I have heard of some people mentioning the general rule that says that you can only ever guarantee that a program will not capture the negative cases but you can never guarantee that it captures all the positive cases.

I am only roughly summarizing what i heard and don't know the exact definition or exact phrase but the meaning remains the same as mentioned.

I am wondering if there is any formal theory or proof for the same or even if this incorrect.

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    $\begingroup$ It's not exactly what you want, but related: "Program testing can be used to show the presence of bugs, but never to show their absence!" Edsger Dijkstra said it. $\endgroup$ – Rick Decker Nov 15 '17 at 0:23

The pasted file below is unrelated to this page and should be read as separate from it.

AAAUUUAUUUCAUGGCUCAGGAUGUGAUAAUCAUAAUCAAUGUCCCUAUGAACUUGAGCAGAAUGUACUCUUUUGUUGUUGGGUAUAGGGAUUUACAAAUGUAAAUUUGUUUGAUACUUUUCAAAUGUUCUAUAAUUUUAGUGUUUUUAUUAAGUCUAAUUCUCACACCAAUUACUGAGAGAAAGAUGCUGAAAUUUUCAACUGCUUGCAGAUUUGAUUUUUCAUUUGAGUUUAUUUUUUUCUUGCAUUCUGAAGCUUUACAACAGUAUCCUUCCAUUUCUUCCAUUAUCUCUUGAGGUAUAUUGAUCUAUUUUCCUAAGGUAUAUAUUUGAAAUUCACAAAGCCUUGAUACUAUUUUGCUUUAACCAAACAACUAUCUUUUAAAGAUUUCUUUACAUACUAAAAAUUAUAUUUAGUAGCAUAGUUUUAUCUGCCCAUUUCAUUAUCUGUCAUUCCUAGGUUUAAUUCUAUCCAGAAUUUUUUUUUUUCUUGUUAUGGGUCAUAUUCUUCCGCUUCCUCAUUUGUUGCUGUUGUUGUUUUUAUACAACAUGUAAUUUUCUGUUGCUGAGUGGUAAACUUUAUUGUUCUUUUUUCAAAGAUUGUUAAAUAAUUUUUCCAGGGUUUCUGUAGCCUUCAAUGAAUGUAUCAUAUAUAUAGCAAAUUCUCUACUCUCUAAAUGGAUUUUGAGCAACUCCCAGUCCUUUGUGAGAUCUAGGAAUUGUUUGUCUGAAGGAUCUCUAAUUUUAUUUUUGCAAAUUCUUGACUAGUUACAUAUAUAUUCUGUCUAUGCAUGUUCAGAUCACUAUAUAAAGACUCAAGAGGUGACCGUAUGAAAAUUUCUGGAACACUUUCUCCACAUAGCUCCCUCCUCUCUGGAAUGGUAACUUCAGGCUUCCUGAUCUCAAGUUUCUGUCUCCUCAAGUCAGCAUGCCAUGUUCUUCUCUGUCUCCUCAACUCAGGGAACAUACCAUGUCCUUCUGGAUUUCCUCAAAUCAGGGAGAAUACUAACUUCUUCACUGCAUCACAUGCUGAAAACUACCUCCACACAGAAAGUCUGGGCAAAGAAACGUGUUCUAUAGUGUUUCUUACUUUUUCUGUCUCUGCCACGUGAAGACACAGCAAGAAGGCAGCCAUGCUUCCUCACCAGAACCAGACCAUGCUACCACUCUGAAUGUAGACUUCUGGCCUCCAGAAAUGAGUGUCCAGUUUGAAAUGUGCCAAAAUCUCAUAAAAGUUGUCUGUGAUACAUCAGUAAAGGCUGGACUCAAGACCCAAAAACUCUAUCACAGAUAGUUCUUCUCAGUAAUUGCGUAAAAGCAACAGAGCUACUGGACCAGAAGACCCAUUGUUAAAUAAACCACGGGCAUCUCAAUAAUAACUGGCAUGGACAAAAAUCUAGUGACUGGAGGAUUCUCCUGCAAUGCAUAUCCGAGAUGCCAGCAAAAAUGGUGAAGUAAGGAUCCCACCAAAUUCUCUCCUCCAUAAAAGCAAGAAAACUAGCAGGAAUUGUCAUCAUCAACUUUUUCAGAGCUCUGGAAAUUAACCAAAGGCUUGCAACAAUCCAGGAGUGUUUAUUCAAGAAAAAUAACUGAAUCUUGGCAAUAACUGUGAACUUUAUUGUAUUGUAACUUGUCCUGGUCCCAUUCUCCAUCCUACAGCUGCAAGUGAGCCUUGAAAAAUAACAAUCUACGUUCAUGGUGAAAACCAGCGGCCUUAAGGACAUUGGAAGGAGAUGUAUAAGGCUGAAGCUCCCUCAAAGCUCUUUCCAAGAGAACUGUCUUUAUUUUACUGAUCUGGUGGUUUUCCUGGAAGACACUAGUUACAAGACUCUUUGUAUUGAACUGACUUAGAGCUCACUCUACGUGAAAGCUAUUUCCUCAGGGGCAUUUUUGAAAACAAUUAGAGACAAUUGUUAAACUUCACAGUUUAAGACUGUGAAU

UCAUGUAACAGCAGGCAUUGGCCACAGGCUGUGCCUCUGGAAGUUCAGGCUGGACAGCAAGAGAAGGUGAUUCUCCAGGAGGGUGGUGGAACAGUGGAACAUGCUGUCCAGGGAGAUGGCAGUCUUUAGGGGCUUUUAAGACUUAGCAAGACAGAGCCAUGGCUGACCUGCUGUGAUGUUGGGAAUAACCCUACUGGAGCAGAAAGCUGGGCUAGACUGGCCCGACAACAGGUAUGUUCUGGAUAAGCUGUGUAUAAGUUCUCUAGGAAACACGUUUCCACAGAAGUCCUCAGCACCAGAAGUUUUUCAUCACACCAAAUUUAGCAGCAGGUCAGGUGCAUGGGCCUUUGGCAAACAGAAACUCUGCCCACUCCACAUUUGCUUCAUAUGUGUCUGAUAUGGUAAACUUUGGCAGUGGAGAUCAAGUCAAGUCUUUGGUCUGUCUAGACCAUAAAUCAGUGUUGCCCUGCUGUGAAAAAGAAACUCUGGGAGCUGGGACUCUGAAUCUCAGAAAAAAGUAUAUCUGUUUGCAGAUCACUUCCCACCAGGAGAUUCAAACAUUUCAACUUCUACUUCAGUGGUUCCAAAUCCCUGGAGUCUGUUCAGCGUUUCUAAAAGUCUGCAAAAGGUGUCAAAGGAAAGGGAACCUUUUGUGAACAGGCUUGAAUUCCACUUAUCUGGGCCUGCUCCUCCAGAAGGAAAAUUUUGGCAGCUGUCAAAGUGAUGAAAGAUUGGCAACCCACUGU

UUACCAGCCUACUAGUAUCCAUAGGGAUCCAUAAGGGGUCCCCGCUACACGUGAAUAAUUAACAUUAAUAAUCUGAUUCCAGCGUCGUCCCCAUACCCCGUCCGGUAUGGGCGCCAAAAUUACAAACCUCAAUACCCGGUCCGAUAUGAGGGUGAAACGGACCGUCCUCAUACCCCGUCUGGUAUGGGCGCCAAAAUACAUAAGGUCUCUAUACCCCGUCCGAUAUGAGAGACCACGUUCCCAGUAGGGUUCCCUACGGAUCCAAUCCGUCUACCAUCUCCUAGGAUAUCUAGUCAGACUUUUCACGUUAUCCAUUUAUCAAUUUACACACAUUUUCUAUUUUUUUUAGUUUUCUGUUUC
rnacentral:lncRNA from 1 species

• $\begingroup$ @RickDecker Yes something like that. For example, if i am to validate an input, i can sort of guarantee that i can positively guard against all known(to me) invalid inputs, but i cannot guarantee that the given input will be 100% in all other cases valid. $\endgroup$ – rapidclock Nov 15 '17 at 0:31
  • $\begingroup$ I'm not sure what exactly you mean, but it sounds like common sense to me, not a mathematical fact. $\endgroup$ – Raphael Nov 15 '17 at 7:21

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